The boss of the Iceland supermarket chain has found himself at the centre of a strange smear campaign run by a Malaysian palm oil lobby group.
Richard Walker, who has been in the post for three years, was mocked for “inheriting” Iceland from his father, who founded it, and has been branded a scaremonger in a string of tweets and videos.
The group, called Faces Of Palm Oil, began sending messages to the managing director on April 10, a day after the company announced it wanted to be the first UK supermarket chain to remove palm oil from its own-brand products this year.
The campaign, which says it fighting on behalf of 650,000 “small Malaysian farmers”, began its offensive with a thread of tweets dismissing claims Walker had made in a promotional video about deforestation and the impacts of palm oil on wildlife.
The tweets were followed by video, posted on YouTube, in which Walker is derided for having “inherited from daddy a trust fund called Iceland”, and for flying to Borneo to “lecture Malaysians about the environment”.
“Richard only wants to attack poor palm oil small farmers in Africa & Asia,” the video claims.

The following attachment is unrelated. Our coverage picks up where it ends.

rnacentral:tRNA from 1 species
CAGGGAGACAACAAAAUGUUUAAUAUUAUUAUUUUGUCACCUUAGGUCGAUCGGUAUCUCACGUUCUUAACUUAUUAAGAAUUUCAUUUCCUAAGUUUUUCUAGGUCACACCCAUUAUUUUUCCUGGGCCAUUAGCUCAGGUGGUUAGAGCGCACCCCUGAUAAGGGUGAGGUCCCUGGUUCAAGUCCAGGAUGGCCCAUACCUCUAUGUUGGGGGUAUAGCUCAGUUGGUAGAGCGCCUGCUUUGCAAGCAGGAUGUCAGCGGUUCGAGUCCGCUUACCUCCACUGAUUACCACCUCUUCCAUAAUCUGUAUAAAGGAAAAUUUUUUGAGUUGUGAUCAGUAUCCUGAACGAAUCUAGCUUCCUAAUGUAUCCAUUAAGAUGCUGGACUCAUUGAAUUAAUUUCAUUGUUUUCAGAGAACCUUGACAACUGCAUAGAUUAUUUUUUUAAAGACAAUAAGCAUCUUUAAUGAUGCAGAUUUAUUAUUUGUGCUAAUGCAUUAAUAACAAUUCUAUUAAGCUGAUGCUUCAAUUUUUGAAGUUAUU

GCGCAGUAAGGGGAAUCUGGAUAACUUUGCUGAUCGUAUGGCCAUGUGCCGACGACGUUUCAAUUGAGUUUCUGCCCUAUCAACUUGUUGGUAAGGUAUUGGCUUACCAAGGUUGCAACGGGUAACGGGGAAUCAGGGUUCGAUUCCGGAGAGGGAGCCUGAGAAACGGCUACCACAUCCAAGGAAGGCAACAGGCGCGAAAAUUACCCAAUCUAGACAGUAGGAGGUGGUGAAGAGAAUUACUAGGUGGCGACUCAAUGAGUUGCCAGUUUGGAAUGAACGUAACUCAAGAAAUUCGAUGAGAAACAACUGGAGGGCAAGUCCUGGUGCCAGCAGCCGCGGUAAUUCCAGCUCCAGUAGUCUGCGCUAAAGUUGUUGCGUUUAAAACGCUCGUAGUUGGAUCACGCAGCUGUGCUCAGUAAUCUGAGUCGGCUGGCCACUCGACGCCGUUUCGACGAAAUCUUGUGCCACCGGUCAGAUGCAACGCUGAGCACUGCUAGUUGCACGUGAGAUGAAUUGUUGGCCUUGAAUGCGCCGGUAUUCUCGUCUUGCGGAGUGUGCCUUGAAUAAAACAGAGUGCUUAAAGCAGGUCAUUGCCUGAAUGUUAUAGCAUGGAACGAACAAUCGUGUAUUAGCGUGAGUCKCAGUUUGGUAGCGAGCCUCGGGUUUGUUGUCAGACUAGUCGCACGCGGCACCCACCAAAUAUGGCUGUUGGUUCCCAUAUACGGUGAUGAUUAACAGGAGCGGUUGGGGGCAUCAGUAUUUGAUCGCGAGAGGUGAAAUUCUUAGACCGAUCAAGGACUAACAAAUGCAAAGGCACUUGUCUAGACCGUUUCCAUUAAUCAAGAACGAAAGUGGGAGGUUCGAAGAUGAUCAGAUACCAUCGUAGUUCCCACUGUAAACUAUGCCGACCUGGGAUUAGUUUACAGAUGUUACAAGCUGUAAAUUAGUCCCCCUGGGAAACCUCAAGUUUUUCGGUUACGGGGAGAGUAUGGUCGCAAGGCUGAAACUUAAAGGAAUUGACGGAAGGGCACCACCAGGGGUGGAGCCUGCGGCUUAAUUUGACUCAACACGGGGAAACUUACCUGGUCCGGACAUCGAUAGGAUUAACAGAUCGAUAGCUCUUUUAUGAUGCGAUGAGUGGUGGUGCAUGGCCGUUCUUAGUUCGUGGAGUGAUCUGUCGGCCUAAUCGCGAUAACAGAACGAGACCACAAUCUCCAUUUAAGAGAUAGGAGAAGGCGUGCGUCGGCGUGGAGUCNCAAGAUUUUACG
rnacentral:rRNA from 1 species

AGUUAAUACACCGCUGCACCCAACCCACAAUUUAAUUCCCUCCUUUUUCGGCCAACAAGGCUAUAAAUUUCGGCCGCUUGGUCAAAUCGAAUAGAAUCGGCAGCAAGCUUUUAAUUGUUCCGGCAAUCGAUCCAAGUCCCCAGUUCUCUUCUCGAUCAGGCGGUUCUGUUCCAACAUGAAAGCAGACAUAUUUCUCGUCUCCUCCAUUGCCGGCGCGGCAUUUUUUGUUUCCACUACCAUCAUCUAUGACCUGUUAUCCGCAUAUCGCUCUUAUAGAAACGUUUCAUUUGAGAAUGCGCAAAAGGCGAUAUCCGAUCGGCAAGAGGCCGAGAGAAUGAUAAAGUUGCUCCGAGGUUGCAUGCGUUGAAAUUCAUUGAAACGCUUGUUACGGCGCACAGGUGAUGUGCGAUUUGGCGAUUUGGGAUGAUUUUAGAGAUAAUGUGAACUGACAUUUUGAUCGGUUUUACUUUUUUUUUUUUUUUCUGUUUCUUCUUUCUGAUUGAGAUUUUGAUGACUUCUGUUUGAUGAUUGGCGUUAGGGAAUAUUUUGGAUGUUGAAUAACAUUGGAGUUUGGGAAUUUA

Speaking to HuffPost UK, Walker described the campaign as an “unusual smear” but said the chain would not be changing its stance on palm oil.
He said the video appeared to be based on the “misconception that I’m against palm oil, which I’m not”. “Hopefully the more people that talk about it and understand it (palm oil), and the issues of deforestation, it will speed up meaningful change which is so desperately needed,” he said.
Farming of oil palm trees is said to have been responsible for about 8% of the world’s deforestation between 1990 and 2008 with forests being burned to clear areas where people can grow oil palms - even if it’s illegal.
Walker said that he agrees that palm oil is “high yielding... is a versatile crop and does have some benefits”, but said clearing rainforests for plantations was not an acceptable consequence.
“I’m absolutely 100% behind the idea of genuinely sustainable palm oil, but at the moment there isn’t such a thing,” he said.
Judging by comments left on Twitter, the Faces Of Palm Oil campaign has failed to gain any new supporters. “I used to not give a crap about palm oil, now I’ll be actively avoiding it,” one commenter wrote. Another said the group had “really shot yourselves in the foot”.
Faces of Palm Oil are yet to respond to a request for comment.